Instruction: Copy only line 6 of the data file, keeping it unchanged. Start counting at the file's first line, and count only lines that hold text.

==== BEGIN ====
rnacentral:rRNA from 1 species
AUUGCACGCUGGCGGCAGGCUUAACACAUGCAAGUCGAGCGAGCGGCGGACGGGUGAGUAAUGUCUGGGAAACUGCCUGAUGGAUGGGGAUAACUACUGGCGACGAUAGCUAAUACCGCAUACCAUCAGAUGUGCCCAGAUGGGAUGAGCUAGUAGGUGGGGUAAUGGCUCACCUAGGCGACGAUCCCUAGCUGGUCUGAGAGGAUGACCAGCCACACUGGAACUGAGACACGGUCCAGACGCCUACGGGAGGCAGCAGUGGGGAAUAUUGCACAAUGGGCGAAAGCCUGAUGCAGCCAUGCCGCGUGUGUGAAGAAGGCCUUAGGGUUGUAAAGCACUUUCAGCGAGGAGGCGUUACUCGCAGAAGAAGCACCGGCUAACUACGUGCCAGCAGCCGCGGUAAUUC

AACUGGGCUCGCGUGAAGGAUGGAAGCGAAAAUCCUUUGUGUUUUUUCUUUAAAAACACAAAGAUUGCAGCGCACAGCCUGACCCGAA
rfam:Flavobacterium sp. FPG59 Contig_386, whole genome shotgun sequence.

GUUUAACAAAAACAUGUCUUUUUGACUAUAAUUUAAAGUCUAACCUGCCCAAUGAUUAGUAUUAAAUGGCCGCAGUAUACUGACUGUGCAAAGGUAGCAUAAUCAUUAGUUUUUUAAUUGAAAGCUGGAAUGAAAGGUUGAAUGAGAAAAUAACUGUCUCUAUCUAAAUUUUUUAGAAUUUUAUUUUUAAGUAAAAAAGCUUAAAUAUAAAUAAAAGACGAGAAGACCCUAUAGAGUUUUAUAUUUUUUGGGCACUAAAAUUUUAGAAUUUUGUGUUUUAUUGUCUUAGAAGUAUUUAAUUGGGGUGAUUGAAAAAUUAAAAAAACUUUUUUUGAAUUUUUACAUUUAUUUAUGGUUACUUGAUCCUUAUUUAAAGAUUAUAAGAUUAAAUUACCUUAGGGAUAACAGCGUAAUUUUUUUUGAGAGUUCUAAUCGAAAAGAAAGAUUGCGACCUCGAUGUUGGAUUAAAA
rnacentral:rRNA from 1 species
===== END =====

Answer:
rnacentral:rRNA from 1 species